The county appealed our Growth Management Hearings Board win to superior court. The Board had concluded that King County improperly conducted State Environmental Policy Act (SEPA) review and refused to dismiss some of the issues in the appeal. The superior court judge concluded that the Board erred in using a summary judgment process to conclude that King County improperly conducted SEPA review of the wineries, breweries, and distilleries ordinance. That issue was remanded back to the Board for briefing and full hearing on the merits of the County’s SEPA review. The court agreed with the Board that the two issues were properly before the Board.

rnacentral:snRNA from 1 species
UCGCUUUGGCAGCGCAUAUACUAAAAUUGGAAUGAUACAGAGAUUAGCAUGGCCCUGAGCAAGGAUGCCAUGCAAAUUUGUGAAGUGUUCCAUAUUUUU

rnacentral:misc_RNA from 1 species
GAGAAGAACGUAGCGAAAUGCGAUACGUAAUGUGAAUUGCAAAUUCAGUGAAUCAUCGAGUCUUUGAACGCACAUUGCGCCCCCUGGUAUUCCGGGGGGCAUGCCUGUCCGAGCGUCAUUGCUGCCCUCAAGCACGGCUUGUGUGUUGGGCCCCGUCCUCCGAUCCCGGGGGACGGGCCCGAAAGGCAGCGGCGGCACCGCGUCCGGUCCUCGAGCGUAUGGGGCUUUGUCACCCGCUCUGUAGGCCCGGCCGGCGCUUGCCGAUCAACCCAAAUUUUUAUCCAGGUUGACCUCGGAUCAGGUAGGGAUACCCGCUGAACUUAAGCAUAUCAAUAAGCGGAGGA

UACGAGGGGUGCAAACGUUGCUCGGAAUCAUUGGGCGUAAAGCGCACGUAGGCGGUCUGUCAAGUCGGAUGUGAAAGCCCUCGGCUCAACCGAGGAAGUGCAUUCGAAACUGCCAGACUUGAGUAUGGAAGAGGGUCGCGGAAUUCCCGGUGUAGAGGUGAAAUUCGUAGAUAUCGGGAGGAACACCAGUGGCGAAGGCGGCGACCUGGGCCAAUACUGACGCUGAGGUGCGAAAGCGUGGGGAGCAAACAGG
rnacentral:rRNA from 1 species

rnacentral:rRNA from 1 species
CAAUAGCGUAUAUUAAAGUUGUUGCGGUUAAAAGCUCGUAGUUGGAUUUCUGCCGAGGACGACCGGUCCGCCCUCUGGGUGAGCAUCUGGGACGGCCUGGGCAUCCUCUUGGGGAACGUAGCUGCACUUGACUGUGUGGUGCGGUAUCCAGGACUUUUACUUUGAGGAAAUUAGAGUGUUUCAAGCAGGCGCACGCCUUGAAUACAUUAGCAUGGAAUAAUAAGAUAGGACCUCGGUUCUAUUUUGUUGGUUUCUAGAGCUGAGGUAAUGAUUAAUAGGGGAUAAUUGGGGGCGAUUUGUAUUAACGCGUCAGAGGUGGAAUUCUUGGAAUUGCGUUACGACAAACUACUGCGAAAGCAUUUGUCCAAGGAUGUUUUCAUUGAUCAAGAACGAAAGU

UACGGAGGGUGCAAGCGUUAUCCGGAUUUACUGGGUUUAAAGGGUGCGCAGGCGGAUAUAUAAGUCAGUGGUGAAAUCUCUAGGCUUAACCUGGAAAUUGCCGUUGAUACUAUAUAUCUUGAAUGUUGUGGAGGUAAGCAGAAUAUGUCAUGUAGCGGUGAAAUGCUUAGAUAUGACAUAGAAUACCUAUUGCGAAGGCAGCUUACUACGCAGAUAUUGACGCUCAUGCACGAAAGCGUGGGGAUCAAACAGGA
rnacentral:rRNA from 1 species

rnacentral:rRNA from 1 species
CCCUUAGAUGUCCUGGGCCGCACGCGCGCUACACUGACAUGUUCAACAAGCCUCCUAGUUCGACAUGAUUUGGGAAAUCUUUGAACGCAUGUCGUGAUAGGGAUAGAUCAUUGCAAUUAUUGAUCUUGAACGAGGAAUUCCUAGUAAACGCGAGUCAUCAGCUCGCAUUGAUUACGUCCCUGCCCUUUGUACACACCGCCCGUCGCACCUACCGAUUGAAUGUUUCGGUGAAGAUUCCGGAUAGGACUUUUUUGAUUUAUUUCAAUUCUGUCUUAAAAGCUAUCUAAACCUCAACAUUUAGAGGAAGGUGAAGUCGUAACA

The Washington State Growth Management Hearings Board concluded that King County’s controversial Adult Beverage Zoning Ordinance failed to comply with the Washington State Environmental Policy Act (SEPA) and the Washington State Growth Management Act (GMA) in a detailed, unanimous January 3, 2022, Order. The Board also made a finding of invalidity, meaning that development applications for adult beverage uses, such as tasting rooms or event centers, cannot be approved until a new ordinance that complies with state law is adopted by the county.
Pierce County’s Centers and Corridors plan proposed to increase densities in parts of unincorporated Pierce County without transit service, sidewalks, schools, and other basic public services. It also failed to integrate affordable housing and anti-displacement strategies into the upzones. The county’s own housing studies show that the proposal is likely to shift housing from areas in Tacoma that have transit and sidewalks, are planned for higher density multifamily housing, and require developers to provide affordable housing and contribute to needed public facilities. For these reasons, Futurewise appealed the plan.